DETROIT - Carmakers have seen the light: Cadillac's Night Vision system is too good to ignore.
Eight automakers will have the heat-sensing vision system installed on their luxury cars by the 2004 model year, said Stuart Klapper, director of automotive programs for Raytheon Co.'s Commercial Electronics division. The system has been available since the 2000 model year, only on the Cadillac DeVille.
Cadillac forecast sales of 3,500 units in 2000, but when the system became available it asked Raytheon to quadruple production. Raytheon closed out 2000 with 7,000 delivered; Cadillac dealers were scrambling for more.
Klapper said Raytheon will produce about 15,000 Night Vision systems for Cadillac this year.
Night Vision is a small camera in the grille that picks up infrared heat from objects as far as 500 yards ahead of the vehicle. The camera's view is projected onto the lower portion of the DeVille's windshield with a head-up display, with hotter objects looking brighter in the picture. It can detect objects through fog, giving drivers more time to react to potentially dangerous situations. It adds about $2,000 to the cost of the DeVille.
'Every major automaker in the world has started some kind of action with Night Vision,' Klapper said Monday, March 5, at the SAE World Congress. He said automakers were determining how to package it in their vehicles as well as working with Raytheon to customize the system for their brands.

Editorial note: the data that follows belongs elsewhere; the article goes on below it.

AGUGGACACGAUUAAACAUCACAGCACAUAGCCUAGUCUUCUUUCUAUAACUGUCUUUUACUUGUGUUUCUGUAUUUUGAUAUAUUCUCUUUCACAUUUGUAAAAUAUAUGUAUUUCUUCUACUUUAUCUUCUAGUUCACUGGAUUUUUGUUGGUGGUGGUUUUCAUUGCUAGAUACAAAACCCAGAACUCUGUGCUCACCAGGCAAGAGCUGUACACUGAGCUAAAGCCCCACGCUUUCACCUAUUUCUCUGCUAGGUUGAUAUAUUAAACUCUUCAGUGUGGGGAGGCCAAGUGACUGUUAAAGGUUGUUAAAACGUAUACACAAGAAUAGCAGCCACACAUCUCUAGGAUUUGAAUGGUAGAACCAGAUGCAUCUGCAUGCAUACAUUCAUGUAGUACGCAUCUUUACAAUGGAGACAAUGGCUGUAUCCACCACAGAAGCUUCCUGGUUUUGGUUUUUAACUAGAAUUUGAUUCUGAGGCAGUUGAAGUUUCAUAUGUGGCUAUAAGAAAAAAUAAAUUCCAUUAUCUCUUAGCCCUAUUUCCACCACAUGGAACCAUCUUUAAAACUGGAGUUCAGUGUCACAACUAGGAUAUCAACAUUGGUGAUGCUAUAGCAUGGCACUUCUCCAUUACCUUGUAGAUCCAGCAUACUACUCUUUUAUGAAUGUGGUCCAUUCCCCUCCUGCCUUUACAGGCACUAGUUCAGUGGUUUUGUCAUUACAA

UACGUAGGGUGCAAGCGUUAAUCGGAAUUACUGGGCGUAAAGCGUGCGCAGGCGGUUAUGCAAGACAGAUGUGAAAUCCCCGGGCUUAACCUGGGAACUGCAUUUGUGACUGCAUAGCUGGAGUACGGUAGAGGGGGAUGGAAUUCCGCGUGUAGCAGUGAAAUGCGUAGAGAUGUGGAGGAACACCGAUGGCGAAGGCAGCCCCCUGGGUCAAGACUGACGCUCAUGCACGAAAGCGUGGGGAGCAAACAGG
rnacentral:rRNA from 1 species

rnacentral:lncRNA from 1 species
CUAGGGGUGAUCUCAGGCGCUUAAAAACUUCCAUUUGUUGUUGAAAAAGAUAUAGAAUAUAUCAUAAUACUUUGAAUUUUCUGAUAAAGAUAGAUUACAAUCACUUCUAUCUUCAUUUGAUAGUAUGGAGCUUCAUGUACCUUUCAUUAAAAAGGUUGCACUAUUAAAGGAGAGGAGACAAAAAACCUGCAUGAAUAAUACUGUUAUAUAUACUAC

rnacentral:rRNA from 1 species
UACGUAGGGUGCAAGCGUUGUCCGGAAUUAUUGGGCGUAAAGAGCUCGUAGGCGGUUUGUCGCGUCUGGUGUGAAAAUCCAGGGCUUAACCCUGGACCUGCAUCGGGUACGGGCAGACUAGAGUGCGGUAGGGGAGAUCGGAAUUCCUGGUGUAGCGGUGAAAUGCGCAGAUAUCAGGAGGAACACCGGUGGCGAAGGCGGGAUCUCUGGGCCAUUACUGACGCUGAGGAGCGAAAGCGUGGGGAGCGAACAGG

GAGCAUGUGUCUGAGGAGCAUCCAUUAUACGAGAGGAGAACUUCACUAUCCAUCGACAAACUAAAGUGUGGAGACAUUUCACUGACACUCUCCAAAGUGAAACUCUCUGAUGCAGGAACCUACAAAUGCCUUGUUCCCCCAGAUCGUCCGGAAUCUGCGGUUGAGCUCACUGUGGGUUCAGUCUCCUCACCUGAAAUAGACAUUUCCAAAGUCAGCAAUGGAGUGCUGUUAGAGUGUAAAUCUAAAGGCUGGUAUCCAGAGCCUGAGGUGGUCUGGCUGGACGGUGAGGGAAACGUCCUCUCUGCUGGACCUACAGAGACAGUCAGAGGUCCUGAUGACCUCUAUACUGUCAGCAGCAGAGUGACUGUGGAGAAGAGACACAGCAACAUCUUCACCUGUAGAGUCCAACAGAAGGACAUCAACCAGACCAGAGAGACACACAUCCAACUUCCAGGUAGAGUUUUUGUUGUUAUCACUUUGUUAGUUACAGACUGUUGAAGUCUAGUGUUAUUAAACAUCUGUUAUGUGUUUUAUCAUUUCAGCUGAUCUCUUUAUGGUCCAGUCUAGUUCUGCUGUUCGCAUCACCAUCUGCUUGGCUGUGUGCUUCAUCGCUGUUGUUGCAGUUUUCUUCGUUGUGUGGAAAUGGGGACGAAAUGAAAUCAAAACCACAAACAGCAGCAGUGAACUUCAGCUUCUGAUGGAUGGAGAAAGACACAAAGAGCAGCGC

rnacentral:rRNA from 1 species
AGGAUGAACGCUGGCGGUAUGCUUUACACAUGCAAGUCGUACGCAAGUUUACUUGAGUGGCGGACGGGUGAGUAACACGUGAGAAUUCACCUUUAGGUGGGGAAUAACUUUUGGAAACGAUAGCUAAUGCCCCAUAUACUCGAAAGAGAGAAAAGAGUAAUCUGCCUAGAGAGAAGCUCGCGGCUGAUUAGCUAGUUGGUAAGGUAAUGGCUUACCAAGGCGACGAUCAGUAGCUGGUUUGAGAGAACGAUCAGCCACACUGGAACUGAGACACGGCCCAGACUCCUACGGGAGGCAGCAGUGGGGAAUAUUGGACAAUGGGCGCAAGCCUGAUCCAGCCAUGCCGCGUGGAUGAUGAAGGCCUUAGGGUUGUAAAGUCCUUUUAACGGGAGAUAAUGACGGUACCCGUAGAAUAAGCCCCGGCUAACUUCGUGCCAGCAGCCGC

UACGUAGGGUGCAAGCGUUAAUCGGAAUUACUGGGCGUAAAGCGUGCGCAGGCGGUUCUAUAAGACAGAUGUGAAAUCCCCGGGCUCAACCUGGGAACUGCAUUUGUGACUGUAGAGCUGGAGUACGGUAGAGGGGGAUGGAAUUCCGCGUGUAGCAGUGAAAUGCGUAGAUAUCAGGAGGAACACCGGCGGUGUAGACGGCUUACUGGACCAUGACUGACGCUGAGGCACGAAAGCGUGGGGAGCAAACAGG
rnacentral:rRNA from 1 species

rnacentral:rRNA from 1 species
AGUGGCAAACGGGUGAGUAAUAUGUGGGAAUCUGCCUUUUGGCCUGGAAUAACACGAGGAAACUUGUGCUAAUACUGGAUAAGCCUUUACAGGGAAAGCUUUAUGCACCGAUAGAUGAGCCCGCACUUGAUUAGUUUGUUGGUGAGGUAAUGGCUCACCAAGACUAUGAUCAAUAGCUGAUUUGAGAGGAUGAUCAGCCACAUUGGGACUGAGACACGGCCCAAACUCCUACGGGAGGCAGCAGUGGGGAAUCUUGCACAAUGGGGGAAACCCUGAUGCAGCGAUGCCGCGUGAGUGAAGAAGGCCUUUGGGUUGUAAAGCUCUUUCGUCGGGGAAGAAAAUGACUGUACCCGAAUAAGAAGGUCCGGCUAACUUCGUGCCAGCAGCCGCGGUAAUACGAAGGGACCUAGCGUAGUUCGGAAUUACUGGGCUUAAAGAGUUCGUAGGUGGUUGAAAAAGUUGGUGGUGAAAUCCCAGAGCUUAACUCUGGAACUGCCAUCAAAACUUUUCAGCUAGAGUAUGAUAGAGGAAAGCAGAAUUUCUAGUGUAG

One manufacturer has asked that Raytheon develop a version of Night Vision that would move with the steering wheel. Others are looking at different ways to incorporate the display.
Klapper declined to name the manufacturers Raytheon has signed, but he did say the next vehicle equipped with Night Vision would be on the road within a year and that it would be a luxury car.
The good news for consumers is that as soon as Raytheon gets into high-volume production of Night Vision, the cost should come down, possibly to about $1,000 to $1,200, said Gary Finley, a marketing manager for Raytheon.
Night Vision popular
Not only will the system cost less, but it will perform better and be less prone to damage. Raytheon has been quizzing Cadillac customers about the performance of the system by forming focus groups, mailing surveys and visiting dealers.
'Thirty-five percent said they bought the DeVille because it was the only car that had Night Vision. And a majority of those people said they would not buy another car without it,' Klapper said. 'They feel it is an absolute necessity.'
Apparently, so does the Secret Service. Raytheon equipped six new limousines for President Bush with Night Vision.
Cadillac says it will make Night Vision optional across its line in the next five years. Raytheon says its upcoming versions of Night Vision will have cameras that can see farther ahead and project a clearer picture.
Klapper said Raytheon, a defense contractor, has barely tapped Night Vision's potential. He compared current versions to a 1950s TV set.
Asked how Raytheon might improve the system, Klapper said: 'We have many defense technologies to pick from.'